Self-production from users of sustainable sources of heat and power within energy efficient buildings has made striking progress over the last decade. We have moved from a simple range of promising technologies and ideas – taken up by a small number of early adopters – to a fully fledged, mass market for low carbon innovations and renewable technologies.
Along the way, we identified that a suitable political narrative was needed to aid this transition and combat the climate change critiques that condemn the very purpose of these technologies. So during this period the Micropower Council (now the Sustainable Energy Association) developed detailed policy framework to execute that vision, at all times taking care to advocate energy efficiency and microgeneration.
As part of this process we have long championed the vision of a more sustainable future that embraces all aspects of a building’s energy usage; the building fabric, the sources of heating, sometimes cooling, and electricity production. However, as I stated at the launch of the Sustainable Energy Association; “people don’t get into microgeneration because they have always dreamed of buying or selling a heat pump, a clever boiler or a solar panel; they do so because it either makes financial sense, or because they also believe in that more sustainable future. “
It is this economic argument that the newly launched Sustainable Energy Association will carry forth. We certainly have a very good economic story to tell – namely that the government’s own figures indicate that energy measures taken in buildings are cheaper and normally cleaner than almost every large-scale, supply-side solution for meeting the country’s energy needs. We of course recognise that both are needed, but are keen to put forward the case for the demand side with particular emphasis on its underlying economic rationale for UK plc.
The carbon narrative is still critically important, and though based on a consensus that is scientifically unbreakable, is wounded politically. We must continue to be an advocate for these measures as the most economically efficient way of securing energy supply and reducing carbon emissions in the UK.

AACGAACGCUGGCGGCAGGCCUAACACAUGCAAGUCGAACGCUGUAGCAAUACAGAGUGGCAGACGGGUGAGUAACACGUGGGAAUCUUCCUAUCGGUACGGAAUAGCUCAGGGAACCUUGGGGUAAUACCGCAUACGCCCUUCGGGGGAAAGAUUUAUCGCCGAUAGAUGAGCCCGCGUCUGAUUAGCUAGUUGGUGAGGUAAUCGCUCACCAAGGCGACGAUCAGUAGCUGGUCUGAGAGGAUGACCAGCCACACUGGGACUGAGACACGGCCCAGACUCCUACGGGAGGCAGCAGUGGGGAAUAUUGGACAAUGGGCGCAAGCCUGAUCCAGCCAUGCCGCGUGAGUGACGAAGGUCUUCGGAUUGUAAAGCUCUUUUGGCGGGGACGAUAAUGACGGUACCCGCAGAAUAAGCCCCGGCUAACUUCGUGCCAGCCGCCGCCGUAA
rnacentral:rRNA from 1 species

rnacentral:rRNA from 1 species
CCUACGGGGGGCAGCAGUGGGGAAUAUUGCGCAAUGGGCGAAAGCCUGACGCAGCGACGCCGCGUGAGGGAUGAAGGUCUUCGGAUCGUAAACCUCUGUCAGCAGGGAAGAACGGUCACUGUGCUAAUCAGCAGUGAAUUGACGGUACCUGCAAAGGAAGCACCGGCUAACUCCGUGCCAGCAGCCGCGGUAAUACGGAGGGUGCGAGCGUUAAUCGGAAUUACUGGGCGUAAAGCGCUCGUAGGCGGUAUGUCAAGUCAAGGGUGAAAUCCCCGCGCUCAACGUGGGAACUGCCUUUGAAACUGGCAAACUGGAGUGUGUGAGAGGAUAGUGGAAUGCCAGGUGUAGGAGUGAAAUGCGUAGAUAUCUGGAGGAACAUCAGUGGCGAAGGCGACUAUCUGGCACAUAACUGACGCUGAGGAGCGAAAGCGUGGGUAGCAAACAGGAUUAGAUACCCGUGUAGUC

This is a very real economic argument, with energy saving measures and demand side heat and electricity production clearly costing less per MWh than many of the large scale options that seem to be receiving far greater political attention.
The Sustainable Energy Association will use this analysis and subsequent research to secure a step change in the policy attention given to that intelligent blend of energy efficiency, low carbon heat and electricity production by end users, as well as their interface with the wider energy system. We will be creating a fully joined up and properly-researched approach to industry’s transition to integration of government policy across departments, in doing so, promoting energy efficiency and self-production of low carbon energy by end users as a single, unified, and well-integrated, “demand-side” narrative.
The Association is run by the same team that successfully ran the Micropower Council for ten years, and was behind significant policy change for Microgeneration. We will look and feel very familiar to those with whom the Micropower Council already works closely, and we are already involved in joint campaigns with colleague trade associations and others on a range of policy issues. That co-operative working style will absolutely continue, but with a step change in the effectiveness of a well-integrated and technology-agnostic demand-side narrative.
Dave Sowden is chief executive of the Sustainable Energy Association. The SEA will be launched at the House of Commons on 24 March. To attend visit www.sustainableenergyassociation.com or contact firstname.lastname@example.org
This article is taken from New Power, February 2014 edition. Also in this issue:
Interconnectors - plans, progress and barriers to implementation
Myths of the GB energy market explored
Rising costs at the DCC
Experience of demand side response
And much more. For a sample issue: email@example.com